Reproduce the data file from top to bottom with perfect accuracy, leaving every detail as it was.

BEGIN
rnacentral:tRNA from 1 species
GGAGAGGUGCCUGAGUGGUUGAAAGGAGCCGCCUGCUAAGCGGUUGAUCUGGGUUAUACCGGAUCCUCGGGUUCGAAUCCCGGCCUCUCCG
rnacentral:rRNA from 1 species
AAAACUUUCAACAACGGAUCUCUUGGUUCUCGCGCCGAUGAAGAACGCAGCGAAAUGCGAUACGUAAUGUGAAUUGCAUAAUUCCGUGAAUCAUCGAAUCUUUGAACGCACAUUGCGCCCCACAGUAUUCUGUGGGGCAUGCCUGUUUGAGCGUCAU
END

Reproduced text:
rnacentral:tRNA from 1 species
GGAGAGGUGCCUGAGUGGUUGAAAGGAGCCGCCUGCUAAGCGGUUGAUCUGGGUUAUACCGGAUCCUCGGGUUCGAAUCCCGGCCUCUCCG
rnacentral:rRNA from 1 species
AAAACUUUCAACAACGGAUCUCUUGGUUCUCGCGCCGAUGAAGAACGCAGCGAAAUGCGAUACGUAAUGUGAAUUGCAUAAUUCCGUGAAUCAUCGAAUCUUUGAACGCACAUUGCGCCCCACAGUAUUCUGUGGGGCAUGCCUGUUUGAGCGUCAU